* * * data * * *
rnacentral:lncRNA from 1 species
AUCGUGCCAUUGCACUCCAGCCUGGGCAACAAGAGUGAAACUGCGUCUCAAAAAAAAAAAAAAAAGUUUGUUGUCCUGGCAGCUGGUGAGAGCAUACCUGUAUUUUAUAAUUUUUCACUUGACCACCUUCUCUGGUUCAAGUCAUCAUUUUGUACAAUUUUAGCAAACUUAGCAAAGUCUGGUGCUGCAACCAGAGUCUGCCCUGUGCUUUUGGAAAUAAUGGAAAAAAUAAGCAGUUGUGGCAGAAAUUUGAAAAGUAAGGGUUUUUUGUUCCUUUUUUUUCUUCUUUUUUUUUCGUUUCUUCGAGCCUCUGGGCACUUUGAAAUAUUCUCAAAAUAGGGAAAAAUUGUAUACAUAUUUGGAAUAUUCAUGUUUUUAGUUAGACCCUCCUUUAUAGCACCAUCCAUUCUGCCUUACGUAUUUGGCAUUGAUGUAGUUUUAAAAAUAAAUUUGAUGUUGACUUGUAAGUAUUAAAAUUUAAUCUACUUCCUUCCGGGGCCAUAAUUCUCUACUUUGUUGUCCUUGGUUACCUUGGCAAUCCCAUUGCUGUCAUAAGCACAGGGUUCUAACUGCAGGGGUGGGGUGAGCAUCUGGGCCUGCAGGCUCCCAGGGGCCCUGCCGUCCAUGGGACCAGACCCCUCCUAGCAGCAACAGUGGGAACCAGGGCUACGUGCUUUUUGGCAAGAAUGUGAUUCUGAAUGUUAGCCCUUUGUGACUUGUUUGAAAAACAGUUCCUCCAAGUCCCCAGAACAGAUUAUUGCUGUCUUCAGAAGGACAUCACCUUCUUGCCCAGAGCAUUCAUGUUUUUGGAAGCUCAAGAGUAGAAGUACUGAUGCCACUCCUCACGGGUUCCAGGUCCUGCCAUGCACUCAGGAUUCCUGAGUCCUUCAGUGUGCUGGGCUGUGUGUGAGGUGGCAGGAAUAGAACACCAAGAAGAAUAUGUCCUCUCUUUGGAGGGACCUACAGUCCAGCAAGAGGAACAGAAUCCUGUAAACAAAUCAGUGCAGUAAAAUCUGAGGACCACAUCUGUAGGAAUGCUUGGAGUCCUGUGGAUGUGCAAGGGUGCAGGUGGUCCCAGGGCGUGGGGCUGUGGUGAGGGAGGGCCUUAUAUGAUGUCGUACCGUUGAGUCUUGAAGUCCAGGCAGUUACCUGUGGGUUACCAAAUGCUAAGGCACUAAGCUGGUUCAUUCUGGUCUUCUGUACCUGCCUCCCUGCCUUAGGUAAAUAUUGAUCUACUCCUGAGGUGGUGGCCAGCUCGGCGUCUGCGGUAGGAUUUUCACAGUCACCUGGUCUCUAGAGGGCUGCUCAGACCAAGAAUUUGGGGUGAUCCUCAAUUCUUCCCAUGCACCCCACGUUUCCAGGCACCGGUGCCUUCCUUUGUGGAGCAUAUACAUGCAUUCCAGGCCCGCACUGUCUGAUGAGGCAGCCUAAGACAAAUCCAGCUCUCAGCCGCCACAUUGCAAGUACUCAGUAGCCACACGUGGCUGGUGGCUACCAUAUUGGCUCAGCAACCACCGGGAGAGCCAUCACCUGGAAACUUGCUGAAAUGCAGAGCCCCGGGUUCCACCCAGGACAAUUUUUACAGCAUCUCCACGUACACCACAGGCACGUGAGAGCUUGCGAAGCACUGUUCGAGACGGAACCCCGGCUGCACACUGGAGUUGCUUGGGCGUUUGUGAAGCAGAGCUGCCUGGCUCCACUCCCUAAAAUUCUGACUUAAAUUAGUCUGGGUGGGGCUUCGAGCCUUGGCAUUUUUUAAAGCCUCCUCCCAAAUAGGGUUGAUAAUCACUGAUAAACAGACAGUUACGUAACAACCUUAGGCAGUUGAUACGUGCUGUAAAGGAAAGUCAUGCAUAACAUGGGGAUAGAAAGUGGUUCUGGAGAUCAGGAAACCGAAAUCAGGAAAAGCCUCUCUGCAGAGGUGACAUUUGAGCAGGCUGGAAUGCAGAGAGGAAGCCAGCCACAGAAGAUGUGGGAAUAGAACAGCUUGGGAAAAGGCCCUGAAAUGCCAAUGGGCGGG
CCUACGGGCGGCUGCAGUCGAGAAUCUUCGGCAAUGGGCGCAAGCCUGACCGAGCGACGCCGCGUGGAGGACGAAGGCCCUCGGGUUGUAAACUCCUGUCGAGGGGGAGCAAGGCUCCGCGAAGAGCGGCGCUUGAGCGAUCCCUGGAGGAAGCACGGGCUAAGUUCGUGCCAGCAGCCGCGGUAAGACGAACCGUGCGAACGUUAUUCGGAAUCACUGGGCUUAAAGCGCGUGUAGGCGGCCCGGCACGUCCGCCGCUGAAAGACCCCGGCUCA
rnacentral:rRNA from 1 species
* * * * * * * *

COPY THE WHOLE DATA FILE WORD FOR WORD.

rnacentral:lncRNA from 1 species
AUCGUGCCAUUGCACUCCAGCCUGGGCAACAAGAGUGAAACUGCGUCUCAAAAAAAAAAAAAAAAGUUUGUUGUCCUGGCAGCUGGUGAGAGCAUACCUGUAUUUUAUAAUUUUUCACUUGACCACCUUCUCUGGUUCAAGUCAUCAUUUUGUACAAUUUUAGCAAACUUAGCAAAGUCUGGUGCUGCAACCAGAGUCUGCCCUGUGCUUUUGGAAAUAAUGGAAAAAAUAAGCAGUUGUGGCAGAAAUUUGAAAAGUAAGGGUUUUUUGUUCCUUUUUUUUCUUCUUUUUUUUUCGUUUCUUCGAGCCUCUGGGCACUUUGAAAUAUUCUCAAAAUAGGGAAAAAUUGUAUACAUAUUUGGAAUAUUCAUGUUUUUAGUUAGACCCUCCUUUAUAGCACCAUCCAUUCUGCCUUACGUAUUUGGCAUUGAUGUAGUUUUAAAAAUAAAUUUGAUGUUGACUUGUAAGUAUUAAAAUUUAAUCUACUUCCUUCCGGGGCCAUAAUUCUCUACUUUGUUGUCCUUGGUUACCUUGGCAAUCCCAUUGCUGUCAUAAGCACAGGGUUCUAACUGCAGGGGUGGGGUGAGCAUCUGGGCCUGCAGGCUCCCAGGGGCCCUGCCGUCCAUGGGACCAGACCCCUCCUAGCAGCAACAGUGGGAACCAGGGCUACGUGCUUUUUGGCAAGAAUGUGAUUCUGAAUGUUAGCCCUUUGUGACUUGUUUGAAAAACAGUUCCUCCAAGUCCCCAGAACAGAUUAUUGCUGUCUUCAGAAGGACAUCACCUUCUUGCCCAGAGCAUUCAUGUUUUUGGAAGCUCAAGAGUAGAAGUACUGAUGCCACUCCUCACGGGUUCCAGGUCCUGCCAUGCACUCAGGAUUCCUGAGUCCUUCAGUGUGCUGGGCUGUGUGUGAGGUGGCAGGAAUAGAACACCAAGAAGAAUAUGUCCUCUCUUUGGAGGGACCUACAGUCCAGCAAGAGGAACAGAAUCCUGUAAACAAAUCAGUGCAGUAAAAUCUGAGGACCACAUCUGUAGGAAUGCUUGGAGUCCUGUGGAUGUGCAAGGGUGCAGGUGGUCCCAGGGCGUGGGGCUGUGGUGAGGGAGGGCCUUAUAUGAUGUCGUACCGUUGAGUCUUGAAGUCCAGGCAGUUACCUGUGGGUUACCAAAUGCUAAGGCACUAAGCUGGUUCAUUCUGGUCUUCUGUACCUGCCUCCCUGCCUUAGGUAAAUAUUGAUCUACUCCUGAGGUGGUGGCCAGCUCGGCGUCUGCGGUAGGAUUUUCACAGUCACCUGGUCUCUAGAGGGCUGCUCAGACCAAGAAUUUGGGGUGAUCCUCAAUUCUUCCCAUGCACCCCACGUUUCCAGGCACCGGUGCCUUCCUUUGUGGAGCAUAUACAUGCAUUCCAGGCCCGCACUGUCUGAUGAGGCAGCCUAAGACAAAUCCAGCUCUCAGCCGCCACAUUGCAAGUACUCAGUAGCCACACGUGGCUGGUGGCUACCAUAUUGGCUCAGCAACCACCGGGAGAGCCAUCACCUGGAAACUUGCUGAAAUGCAGAGCCCCGGGUUCCACCCAGGACAAUUUUUACAGCAUCUCCACGUACACCACAGGCACGUGAGAGCUUGCGAAGCACUGUUCGAGACGGAACCCCGGCUGCACACUGGAGUUGCUUGGGCGUUUGUGAAGCAGAGCUGCCUGGCUCCACUCCCUAAAAUUCUGACUUAAAUUAGUCUGGGUGGGGCUUCGAGCCUUGGCAUUUUUUAAAGCCUCCUCCCAAAUAGGGUUGAUAAUCACUGAUAAACAGACAGUUACGUAACAACCUUAGGCAGUUGAUACGUGCUGUAAAGGAAAGUCAUGCAUAACAUGGGGAUAGAAAGUGGUUCUGGAGAUCAGGAAACCGAAAUCAGGAAAAGCCUCUCUGCAGAGGUGACAUUUGAGCAGGCUGGAAUGCAGAGAGGAAGCCAGCCACAGAAGAUGUGGGAAUAGAACAGCUUGGGAAAAGGCCCUGAAAUGCCAAUGGGCGGG
CCUACGGGCGGCUGCAGUCGAGAAUCUUCGGCAAUGGGCGCAAGCCUGACCGAGCGACGCCGCGUGGAGGACGAAGGCCCUCGGGUUGUAAACUCCUGUCGAGGGGGAGCAAGGCUCCGCGAAGAGCGGCGCUUGAGCGAUCCCUGGAGGAAGCACGGGCUAAGUUCGUGCCAGCAGCCGCGGUAAGACGAACCGUGCGAACGUUAUUCGGAAUCACUGGGCUUAAAGCGCGUGUAGGCGGCCCGGCACGUCCGCCGCUGAAAGACCCCGGCUCA
rnacentral:rRNA from 1 species